It was Tom Moore’s meticulous attention to detail and execution of a unique concept that captured the attention and votes of the Tom Malone Prize judges this year. We talk to Tom Moore about his award-winning piece the Pyrotechnic puffer fish and the challenges facing glass artistry.
Tell us how you came to the idea of the Pyrotechnic puffer fish?
I have been researching how the wider cultural context of Renaissance Italy influenced the kinds of glass objects that were produced and the social functions and meanings of these objects.
During the 16th-century, objects displaying the fine network of white glass lines such as in these goblet-bowls were thought to be imbued with miraculous properties and were collected in cabinets of curiosity alongside specimens of unicorn horn and pufferfish. I saw one of these pufferfish in a Museum in Florence and could not get it out of my head. It seemed weirdly aware of its placement in the collection. This species has an extremely satisfying form to translate and inflate as hot glass.
Renaissance glassmakers were closely aligned with alchemists. The transformation of sand and plant-ash into glass through the intense heat of the furnace was regarded as a marvellous demonstration of human ingenuity and virtuous artifice. The burning match is intended as a reminder of the pyrotechnic nature of this material. The absurd drinking vessel in the form of a bent funnel refers to laboratory apparatus and to a rich tradition of trick-glasses that were surprising to look at and intentionally difficult to use. The position of the pufferfish as oversized stems adds to the joke.
It’s a very detailed and beautiful piece of work. How long from conception to completion did this project take and were there any challenges along the way?
It is difficult to calculate the amount of time taken to complete complex objects such as these because there are several processes involved over several weeks. Designing the work and preparing all the parts takes many hours. I complete a full-scale drawing that is meticulously planned. Coloured and clear glass is combined and stretched to make patterned rods. These are used to create the fine patterned lines within the blown forms, and all the small parts: eyes, fins, teeth, match and flame. The final forming of the parts requires an assistant. All in all these works took approximately 30 hours including the assistant.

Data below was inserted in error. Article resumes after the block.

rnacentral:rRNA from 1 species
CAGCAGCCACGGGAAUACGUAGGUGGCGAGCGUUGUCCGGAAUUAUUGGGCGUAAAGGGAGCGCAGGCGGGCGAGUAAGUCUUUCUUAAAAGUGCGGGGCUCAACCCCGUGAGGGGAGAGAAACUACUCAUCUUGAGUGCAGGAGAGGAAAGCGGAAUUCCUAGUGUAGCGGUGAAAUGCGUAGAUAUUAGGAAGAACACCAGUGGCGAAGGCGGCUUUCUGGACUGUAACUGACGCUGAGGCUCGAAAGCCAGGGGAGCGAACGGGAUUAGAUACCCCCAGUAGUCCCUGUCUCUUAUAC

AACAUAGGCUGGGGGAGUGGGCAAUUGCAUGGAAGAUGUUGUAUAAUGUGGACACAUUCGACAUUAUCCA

There is a certain amount of risk involved in working on forms for such prolonged periods. The glass must be re-heated every couple of minutes or it will crack, but it must not be over-heated or it will melt. It is attached to metal rods while it is being worked and these must be kept turning.
Bending the funnel is a risky moment. After focussing heat on the long skinny neck it becomes difficult to control and after bending it is off-centred which makes the constant turning awkward. Putting the dentures into the fishes mouths is a fussy step and I only get one shot to stick them in the right place.
You’ve taken on the challenge of achieving a carbon neutral art practise. Tell us a bit more about this and is it something that glass artists should be using?
As a contemporary artist who has the privilege of continuing to practice a traditional pyrotechnic craft, I feel compelled to address the issues of climate change and environmental degradation.
I know that there is an inherent contradiction in making objects that overtly display their complicity in continuing to create these problems. I also believe that this contradiction adds to the communicative potential of glass artworks. I decided that I could not justify continuing to make objects that seek to navigate my concerns without offsetting 150% of the own carbon impact of making. This is a tricky issue to speak about, I don’t feel I can say my colleagues should be minimising and offsetting their carbon impact, however, my own experience has shown that calculating and offsetting an art practice is surprisingly achievable.
This is not the first time you’ve been awarded the Tom Malone Prize. What do you enjoy about the exhibition and will we see another project from you in the next one!
It is very gratifying to have work shortlisted for this prize so that it can sit amongst its peers. It is a great honour to have my work selected twice for inclusion in the permanent collection at AGWA, this helps the audience to appreciate the breadth of an individual art practice and how it evolves over time. I am pleased that some traditional Venetian decorative techniques and references to the historical forms of the goblet and scientific labware are now part of the growing collection.
The wider collection of winners is a unique record of the Australian glassmaking community. I am very grateful to the sponsors of the Tom Malone Prize for giving this group of specialised makers the impetus to strive toward ambitious works. I am certain that I will continue to participate in this important national survey exhibition.
View the Tom Malone Prize exhibition before it closes 28 May.
To view more of Tom Moore’s work visit his official page.